When Christelle Munnelly ’05, was asked why she chose the Cornell Greens over the plethora of other environmental organizations on campus, she replied that “everyone said the Greens was the most active group.”
And active they are. Among the many accomplishments that this unaffiliated environmental organization has had, they have been a driving force on campus to ensure that the University engage in the most environmentally-friendly practices possible.
Not only do the members of the Greens create environmental awareness on campus, but they also partake in nationwide campaigns with groups like Rainforest Action Network and EcoPledge, a non-profit organization that targets corporations that practice unfriendly environmental activities.
The Cornell Greens is the oldest environmental group on campus and has about twenty active members at any given time. Students from many of the different undergraduate colleges at Cornell make up the membership of the Greens, all brought together by their intense dedication to increasing environmental awareness on campus and throughout the nation.
“The Cornell Greens is a non-partisan group that strives to bring issues of environmental quality and stability on campus as well as educate the student body about small steps they can take to change their ecological footprint,” said Joseph Notaro ’07, president of the Greens.
“We’re trying to get students to think about the style of food they eat, the energy they use and how these basic lifestyle patterns could be more sustainable,” he added. Election
While the Greens are not affiliated with the Green Party, they are urging students to register to vote since many important environmental concerns are at stake with the upcoming election.
“There is a large force on campus that goes around the dorms to get students to register to vote … the Greens are now focusing on working with other groups, particularly democratic groups, to get John Kerry elected,” said Greens member Rebecca Wilbanks ’07.
Kerry received a score of 97 out of 100 possible points from the National League of Conservation Voters, an environmental group, before the Democratic primaries.
“Last year we had tables in Willard Straight where we had information about all the candidates and their environmental records. We were not endorsing any particular candidate but rather educating students as to who has done what to the environment,” said Wilbanks. Some of the other projects that the Greens are pursuing include an attempt to get all new Cornell University buildings to be Leadership in Energy and Environmental Design (LEED) certified, which means that the buildings are in line with a national standard of environmental design.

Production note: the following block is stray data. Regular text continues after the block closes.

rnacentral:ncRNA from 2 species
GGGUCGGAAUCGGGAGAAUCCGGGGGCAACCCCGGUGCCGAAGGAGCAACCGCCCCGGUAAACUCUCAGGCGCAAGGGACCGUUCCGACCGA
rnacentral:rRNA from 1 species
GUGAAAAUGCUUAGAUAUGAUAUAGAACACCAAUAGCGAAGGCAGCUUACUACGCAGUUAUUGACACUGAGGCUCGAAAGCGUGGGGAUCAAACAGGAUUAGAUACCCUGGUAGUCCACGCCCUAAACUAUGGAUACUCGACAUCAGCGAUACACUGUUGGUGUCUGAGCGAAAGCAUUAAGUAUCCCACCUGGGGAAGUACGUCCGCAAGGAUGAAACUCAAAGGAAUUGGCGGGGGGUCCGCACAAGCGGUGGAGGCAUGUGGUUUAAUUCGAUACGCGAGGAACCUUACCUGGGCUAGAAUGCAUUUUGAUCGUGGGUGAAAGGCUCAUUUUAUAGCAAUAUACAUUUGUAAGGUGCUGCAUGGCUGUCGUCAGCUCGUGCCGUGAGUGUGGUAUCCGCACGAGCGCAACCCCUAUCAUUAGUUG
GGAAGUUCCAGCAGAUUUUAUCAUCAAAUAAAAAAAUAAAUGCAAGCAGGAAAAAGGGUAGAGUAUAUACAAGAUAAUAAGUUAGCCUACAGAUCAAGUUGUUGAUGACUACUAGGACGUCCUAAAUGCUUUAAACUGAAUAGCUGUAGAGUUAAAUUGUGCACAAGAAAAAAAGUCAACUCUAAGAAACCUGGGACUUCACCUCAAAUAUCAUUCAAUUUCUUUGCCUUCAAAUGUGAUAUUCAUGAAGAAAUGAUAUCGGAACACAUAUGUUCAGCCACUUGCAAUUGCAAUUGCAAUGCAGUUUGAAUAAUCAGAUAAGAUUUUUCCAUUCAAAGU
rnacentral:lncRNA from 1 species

“This includes certain provisions for energy conservation, where materials are obtained from and how wastes are handled,” Notaro explained.
As of now, Cornell uses the LEED standards as guidelines but has not received the certification.
“It will look good for Cornell to be LEED certified and Cornell will save money in the long-term because they’ll be saving money on energy,” Notaro said.
The Greens meet with members of the Cornell administration, including President Jeffrey S. Lehman ’77 and HalCraft, vice president for administraton and chief financial officer, on a consistent basis to urge them to adopt the agreement.
According to Wilbanks, “President Lehman has been extremely favorable towards environmental issues” and more than willing to meet with members of the Greens to discuss such concerns.
In addition to University wide policy, the Greens are also involved in the daily practices of students in campus housing. They are trying to encourage composting of organic waste, such as food scraps and newsprint, in the residence halls. Composting is a way of recycling waste so that it decomposes and becomes soil for reuse.
“Cornell Dining already does compost some things…they sell the compost material after it’s been broken down to the Plantations. It can then be used for planting,” Wilbanks said. In addition, the Greens are researching the sources of the cotton used to make Cornell clothing to see if organic materials can be purchased if it is not already.
Another one of their many successful endeavors included a campaign organized by EcoPledge against PepsiCo. for not using enough recycled plastic in their bottles. As part of a nationwide attempt to urge Pepsi to use more recycled products, Christelle Munnelly ’05, an active member of the Greens, along with students from many other organizations, collected hundreds of messages from students and put them in empty Pepsi bottles.
Along with campaginers nationwide, Munnelly sent the bottles to Pepsi headquarters, urging them to be more environmentally conscious. PepsiCo. now uses 25 percent recycled plastic as opposed to the 10 percent that they once used.
The Greens are an extremely active environmental group at Cornell that gets funding from the SAFC and the CUPB, among other sources. They hold weekly meetings on Mondays at 8 p.m. in Anabel Taylor Hall, where potential new members are always welcome.
Archived article by Erica Kerman